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Re: Replication Docs

From: Bruce Momjian <bruce(at)momjian(dot)us>
To: Markus Schiltknecht <markus(at)bluegap(dot)ch>
Cc: pgsql-docs(at)postgresql(dot)org
Subject: Re: Replication Docs
Date: 2006-11-22 17:36:54
Message-ID: (view raw, whole thread or download thread mbox)
Lists: pgsql-docs
Markus Schiltknecht wrote:
> Hello Bruce,
> I was trying to put together all comments to specific sections, thus the 
> new thread. Hope that helps.
> *** Synchronous Multi-Master Replication ***
> Bruce Momjian wrote:
>  > OK, new title is "Synchonous Multi-Master Replication", and the next
>  > heading is "Asynchronous Multi-Master Replication".
> Good, I really like that one. :-)

Great (until we change it again)  ;-)

>  >> Why not simply call in "Multi Master Replication"? That implies
>  >> clustering, doesn't it?
>  >
>  > Well, not really because of the async multi-master that is the next
>  > item.
> Yes, it's fine that way. I was just unsure if you want to have sync and 
> async in one paragraph or not. The proposal "Multi Master Replication" 
> would only fit if we'd describe both in one paragraph. I like to 
> describe both in more detail, as you did now.

OK, it is two separate entries now:

>  >> BTW, I'm slowly beginning to accept that you don't want to mix
>  >> "Statement-Based Replication Middleware" with "Multi Master
>  >> Replication". ;-)
>  >
>  > OK, are they mixed now?
> No, they're not. They're split, which I think is what you want. I've 
> been uncomfortable with was that split into "Statement-Based Replication 
> Middleware" and "Synchronous Multi-Master Replication". I've been 
> arguing that the first describes one possible implementation of the 
> second, while other implementations are not described (2PC, SHMEM, 
> Postgres-R, etc...)
> I was trying to say that I'm beginning to accept that split, because 
> especially pgpool really seems to put a lot of those burdens to the 
> user. I've been trying to use some humor, but that mainly seems to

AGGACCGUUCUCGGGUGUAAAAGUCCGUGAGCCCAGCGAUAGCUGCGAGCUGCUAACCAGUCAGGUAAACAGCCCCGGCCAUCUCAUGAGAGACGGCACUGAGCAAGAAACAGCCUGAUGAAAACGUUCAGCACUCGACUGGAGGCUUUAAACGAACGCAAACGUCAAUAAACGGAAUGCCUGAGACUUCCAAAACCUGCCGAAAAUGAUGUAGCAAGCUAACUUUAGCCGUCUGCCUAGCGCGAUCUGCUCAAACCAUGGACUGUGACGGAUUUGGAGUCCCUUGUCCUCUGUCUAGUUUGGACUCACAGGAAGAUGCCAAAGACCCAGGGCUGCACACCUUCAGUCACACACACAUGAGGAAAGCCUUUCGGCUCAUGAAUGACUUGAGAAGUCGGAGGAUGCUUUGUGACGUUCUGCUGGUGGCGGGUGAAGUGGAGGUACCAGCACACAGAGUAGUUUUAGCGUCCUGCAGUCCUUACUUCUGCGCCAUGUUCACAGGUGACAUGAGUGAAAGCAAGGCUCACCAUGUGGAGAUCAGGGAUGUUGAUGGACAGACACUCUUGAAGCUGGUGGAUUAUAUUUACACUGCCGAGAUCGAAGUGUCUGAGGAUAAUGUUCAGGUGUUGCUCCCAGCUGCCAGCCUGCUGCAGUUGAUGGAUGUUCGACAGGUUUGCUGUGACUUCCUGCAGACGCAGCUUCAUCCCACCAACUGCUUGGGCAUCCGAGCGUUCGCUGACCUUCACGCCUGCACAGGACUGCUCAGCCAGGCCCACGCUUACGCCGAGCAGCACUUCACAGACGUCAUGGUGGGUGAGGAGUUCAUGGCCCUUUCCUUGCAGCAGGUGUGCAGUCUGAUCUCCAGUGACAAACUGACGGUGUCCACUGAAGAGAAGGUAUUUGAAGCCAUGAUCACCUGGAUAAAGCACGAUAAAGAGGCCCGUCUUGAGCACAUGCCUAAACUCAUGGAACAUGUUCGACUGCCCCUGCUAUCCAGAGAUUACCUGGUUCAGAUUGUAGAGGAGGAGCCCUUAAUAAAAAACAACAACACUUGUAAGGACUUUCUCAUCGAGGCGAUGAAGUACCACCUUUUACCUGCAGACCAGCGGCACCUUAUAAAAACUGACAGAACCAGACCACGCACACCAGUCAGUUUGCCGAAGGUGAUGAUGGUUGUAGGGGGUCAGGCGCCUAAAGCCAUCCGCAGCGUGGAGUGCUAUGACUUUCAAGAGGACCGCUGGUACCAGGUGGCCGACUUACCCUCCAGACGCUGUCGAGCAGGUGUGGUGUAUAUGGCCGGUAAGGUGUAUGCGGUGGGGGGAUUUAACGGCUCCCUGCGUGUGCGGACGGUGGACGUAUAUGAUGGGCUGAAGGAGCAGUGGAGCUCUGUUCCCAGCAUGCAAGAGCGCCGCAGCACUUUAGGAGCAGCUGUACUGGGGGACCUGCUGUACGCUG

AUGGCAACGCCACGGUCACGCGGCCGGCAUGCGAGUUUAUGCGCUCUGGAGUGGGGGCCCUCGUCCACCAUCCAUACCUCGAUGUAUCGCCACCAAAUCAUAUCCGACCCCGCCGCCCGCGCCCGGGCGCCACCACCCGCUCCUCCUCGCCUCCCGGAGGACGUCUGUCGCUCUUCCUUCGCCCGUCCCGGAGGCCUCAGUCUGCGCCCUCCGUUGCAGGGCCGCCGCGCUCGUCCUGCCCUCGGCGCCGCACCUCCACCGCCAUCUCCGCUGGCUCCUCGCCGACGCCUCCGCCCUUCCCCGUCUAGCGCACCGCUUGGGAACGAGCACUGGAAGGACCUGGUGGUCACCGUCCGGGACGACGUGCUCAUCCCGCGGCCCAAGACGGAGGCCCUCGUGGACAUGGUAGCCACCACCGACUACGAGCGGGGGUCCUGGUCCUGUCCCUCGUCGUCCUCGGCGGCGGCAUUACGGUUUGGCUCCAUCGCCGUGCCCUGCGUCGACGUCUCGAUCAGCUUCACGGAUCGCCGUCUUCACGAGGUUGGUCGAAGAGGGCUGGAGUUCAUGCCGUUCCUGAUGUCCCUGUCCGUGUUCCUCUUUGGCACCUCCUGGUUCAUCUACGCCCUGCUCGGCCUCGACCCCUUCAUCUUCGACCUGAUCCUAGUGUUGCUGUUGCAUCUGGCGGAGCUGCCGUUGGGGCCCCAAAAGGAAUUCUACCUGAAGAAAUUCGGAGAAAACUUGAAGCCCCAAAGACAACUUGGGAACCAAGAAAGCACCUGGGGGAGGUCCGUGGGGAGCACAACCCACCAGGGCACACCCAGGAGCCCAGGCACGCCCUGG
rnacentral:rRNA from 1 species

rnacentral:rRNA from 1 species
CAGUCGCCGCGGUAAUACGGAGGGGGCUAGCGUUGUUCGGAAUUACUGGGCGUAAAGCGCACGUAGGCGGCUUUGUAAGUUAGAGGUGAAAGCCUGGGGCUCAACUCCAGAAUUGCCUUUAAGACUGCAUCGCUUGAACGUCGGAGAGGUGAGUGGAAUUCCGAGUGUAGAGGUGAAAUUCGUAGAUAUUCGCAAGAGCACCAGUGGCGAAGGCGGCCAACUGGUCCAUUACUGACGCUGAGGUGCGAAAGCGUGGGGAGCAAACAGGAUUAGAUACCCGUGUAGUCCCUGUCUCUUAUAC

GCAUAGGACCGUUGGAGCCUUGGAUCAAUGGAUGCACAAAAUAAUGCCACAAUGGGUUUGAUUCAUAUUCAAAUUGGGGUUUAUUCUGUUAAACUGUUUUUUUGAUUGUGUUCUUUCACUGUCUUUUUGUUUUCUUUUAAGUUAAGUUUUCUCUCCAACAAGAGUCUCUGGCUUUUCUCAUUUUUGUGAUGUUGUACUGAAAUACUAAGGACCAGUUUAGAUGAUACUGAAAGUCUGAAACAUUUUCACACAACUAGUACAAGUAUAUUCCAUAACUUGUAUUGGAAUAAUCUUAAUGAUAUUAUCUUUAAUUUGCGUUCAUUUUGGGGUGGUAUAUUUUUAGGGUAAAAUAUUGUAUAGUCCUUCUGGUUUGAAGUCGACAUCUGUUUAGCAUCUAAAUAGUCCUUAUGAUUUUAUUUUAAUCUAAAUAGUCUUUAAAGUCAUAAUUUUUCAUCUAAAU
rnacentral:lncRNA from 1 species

> confuse people. My english might not be good enough for humor, yet.
> However, where do you now fit Sequoia in? It uses "statement-based 
> replication", but AFAIK it is much more clever than pgpool and handles 
> non-deterministic functions. And the Sequoia people probably won't get 
> excited about not calling them "Multi-Master Replication".

Uh, good point.  The title is now "Statement-Based Replication
Middleware".  That doesn't say multi-master, but it doesn't say
master/slave either.  The Sequoia PDF you sent me is very detailed:

I think we are back to the issue of classification.  We have traditional
master/slave as slony, and multi-master as perhaps pgcluster, and lots
in between.  I am thinking pgpool and sequoia fit in there.  I have
added Sequoia to the Statement-Based Replication Middleware section.

> Bruce Momjian wrote:
>  > I just saw it [the slides about PGCluster-II].  It does seem more like
>  > Oracle RAC than any other method.
> Yes. I think it's not production ready, yet, so there's no point in 
> mentioning it in the documentation.


> Bruce Momjian wrote:
>  > I figured that shared-disk/memory only really makes sense for
>  > multi-master clustering, so I mentioned it in that paragraph:
>  >
>  > ...<snipped the new paragraph>
>  >
>  > Is that enought?
> I'd say so, yes. We are not going into more details for other aspects so 
> that's fine.


> You might not even mention shared-memory. I don't know of any 
> implementation in the database world. Except perhaps using OpenMosix and 
> running PostgreSQL on top of it. Maybe just leave it in there, it won't 
> hurt.

OK, I will only mention shared disk now.

> Bruce Momjian wrote:
>  > One problem I have is that we we have shared disk failover, but no
>  > other shared case with a PostgreSQL implementation, and people don't
>  > want to mention Oracle RAC, so why do we mention it if we have no